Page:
The Electoral College and the 2000 Election

Popular Vote vs. Electoral Vote in the 2000 Election

The 2000 election will always rank as one of the strangest in American history. Political scientists and eventually historians will be dissecting this election for decades and perhaps even centuries to come. To look for precedents that resembled the 2000 election scholars had to go back to the 19th century, to the elections of 1888, 1876, and 1824.  Those were the only elections in American history where a winner in the popular vote was denied the presidency through the Electoral College system.

Before the 2000 drama, many Americans had forgotten (or perhaps never knew) that the popular vote does not actually choose the president. Presidents are chosen by the Electoral College, a temporary meeting of 538 members held a more than a month after the popular vote is counted. Americans had been lulled into complacency since for all of the 20th century the Electoral College followed the popular vote outcome.  But they now know that it is possible for the Electoral College to choose a candidate who does not win the popular vote.

This is because electors are chosen state by state via a "winner take all" formula. That means that whatever candidate wins a state, that candidate gets all that state's electoral vote. Even though Bush and Gore were in a virtual dead heat in Florida, all 27 of Florida's electoral votes were going to go to either Bush or Gore.

There are at least two ways that in a close election, a candidate can win the Electoral College without winning the popular vote, both centering on the margin of victory in big population states with many electoral votes. In the first scenario, if one candidate wins the large population states by close margins and the other candidate wins the less populated states by much larger percentages, the popular vote winner can lose in the Electoral College. This is what happened in 1888. The Republicans won close battles in high population northern states like New York, Pennsylvania, Ohio, and Illinois. The Democrats won overwhelming victories in the smaller population states in the South. Thus the South tipped the popular vote to the Democrats. But the Republicans won nearly half their total electoral votes from close victories in the 4 large population northern states and thus won the Electoral College.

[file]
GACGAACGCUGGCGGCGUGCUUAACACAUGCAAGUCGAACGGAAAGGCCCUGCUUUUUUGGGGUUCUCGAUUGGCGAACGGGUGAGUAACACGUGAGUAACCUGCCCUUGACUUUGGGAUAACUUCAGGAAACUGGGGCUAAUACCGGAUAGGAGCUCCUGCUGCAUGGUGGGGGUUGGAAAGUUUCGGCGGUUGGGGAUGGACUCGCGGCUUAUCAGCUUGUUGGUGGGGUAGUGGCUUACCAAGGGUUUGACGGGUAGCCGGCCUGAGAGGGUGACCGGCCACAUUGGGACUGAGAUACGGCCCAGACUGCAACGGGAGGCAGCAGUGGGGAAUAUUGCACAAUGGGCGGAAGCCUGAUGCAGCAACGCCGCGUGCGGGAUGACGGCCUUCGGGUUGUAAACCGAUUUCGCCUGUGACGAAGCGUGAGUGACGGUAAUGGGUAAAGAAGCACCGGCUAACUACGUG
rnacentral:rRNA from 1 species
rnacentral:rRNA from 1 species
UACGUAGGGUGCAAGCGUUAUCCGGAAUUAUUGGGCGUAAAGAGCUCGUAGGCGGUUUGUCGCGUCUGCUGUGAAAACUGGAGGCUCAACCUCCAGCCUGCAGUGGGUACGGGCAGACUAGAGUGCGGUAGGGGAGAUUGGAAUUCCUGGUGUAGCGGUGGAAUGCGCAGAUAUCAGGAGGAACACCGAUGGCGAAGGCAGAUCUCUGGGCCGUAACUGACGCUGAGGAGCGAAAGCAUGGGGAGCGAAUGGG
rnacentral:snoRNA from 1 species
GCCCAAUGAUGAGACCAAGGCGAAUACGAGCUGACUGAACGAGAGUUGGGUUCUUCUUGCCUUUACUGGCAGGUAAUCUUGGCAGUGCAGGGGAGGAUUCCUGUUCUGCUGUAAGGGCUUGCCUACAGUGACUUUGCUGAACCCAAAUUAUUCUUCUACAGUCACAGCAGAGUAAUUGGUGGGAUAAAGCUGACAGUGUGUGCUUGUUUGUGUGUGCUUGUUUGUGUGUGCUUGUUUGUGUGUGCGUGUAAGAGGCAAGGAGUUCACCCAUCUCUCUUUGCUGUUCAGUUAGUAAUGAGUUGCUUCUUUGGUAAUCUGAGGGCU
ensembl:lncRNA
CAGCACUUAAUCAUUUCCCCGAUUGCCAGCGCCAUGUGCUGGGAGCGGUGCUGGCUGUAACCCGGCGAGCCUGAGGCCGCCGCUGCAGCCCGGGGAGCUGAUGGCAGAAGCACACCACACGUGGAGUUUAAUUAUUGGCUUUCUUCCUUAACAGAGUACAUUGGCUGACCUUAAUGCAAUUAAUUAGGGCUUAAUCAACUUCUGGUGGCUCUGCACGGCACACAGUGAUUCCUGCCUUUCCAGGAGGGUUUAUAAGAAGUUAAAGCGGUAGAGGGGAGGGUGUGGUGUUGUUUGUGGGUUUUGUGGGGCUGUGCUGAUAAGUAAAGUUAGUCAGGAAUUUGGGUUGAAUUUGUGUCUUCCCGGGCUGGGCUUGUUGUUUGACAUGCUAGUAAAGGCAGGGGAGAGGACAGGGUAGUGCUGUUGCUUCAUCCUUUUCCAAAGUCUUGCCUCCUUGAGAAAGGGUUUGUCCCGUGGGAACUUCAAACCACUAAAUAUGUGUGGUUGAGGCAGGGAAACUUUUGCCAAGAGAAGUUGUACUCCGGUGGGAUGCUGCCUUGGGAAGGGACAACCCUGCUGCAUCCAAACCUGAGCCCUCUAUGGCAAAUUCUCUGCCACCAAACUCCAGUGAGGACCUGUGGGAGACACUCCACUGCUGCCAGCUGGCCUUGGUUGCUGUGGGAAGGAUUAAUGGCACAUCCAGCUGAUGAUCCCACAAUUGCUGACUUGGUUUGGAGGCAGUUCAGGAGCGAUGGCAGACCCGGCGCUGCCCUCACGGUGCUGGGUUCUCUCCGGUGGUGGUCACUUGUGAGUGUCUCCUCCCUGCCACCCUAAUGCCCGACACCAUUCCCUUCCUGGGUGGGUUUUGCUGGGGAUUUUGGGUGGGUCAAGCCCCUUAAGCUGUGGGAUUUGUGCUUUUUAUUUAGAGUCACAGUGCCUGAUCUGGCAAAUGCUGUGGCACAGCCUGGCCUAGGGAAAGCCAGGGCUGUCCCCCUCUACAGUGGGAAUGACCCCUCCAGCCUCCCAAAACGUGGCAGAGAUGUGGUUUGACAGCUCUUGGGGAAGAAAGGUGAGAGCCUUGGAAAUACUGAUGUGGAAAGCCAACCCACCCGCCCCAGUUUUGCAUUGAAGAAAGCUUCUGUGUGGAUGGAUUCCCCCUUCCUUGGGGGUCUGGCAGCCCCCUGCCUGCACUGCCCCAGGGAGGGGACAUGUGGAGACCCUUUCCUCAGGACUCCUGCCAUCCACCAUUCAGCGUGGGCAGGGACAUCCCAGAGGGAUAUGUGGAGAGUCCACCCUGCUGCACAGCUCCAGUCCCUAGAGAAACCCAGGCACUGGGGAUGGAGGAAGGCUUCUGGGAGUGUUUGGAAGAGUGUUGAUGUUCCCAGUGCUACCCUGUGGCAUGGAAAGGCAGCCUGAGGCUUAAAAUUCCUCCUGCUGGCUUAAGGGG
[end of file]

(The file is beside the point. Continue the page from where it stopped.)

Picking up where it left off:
There is another way a candidate can win the popular vote and still lose the Electoral College, also focusing on different outcomes in large population states vs. small population states. If a candidate runs up large margins of victory in the big states but loses many of the small states by close votes, he can win more votes and still lose in the Electoral College. This is what happened to Al Gore. Nationally, Gore won 560,000 more votes than Bush. Gore won two of the three largest states by large margins, while Bush won his home state of Texas. Gore won California (54 electoral votes) by almost 1.3 million votes. That advantage was offset by Bush winning Texas (32 electoral votes) by almost 1.4 million votes. But Gore won New York (33 electoral votes) by more than 1.5 million votes. He also won Illinois (22 electoral votes) by approximately 570,000 votes. Gore would have benefited from having his vote spread more evenly through the country. Bush's closer victories in many smaller states gave him more electoral votes than Gore's larger margins of victories in California, New York, and Illinois.

Bush also benefited from the fact that the electoral vote is not completely based on population size. Each state gets as many electoral votes as they have members in the House of Representatives and the Senate. States' House delegations are based on population, but each state has two Senators. So every state gets at least 3 electoral votes, regardless of population, essentially two extra votes not based on population. Bush carried 30 states, while Gore carried only 20 states and the District of Columbia. Thus Bush got a net benefit of 18 electoral votes not based on population from carrying more states than Gore.

Reform of the Electoral College?.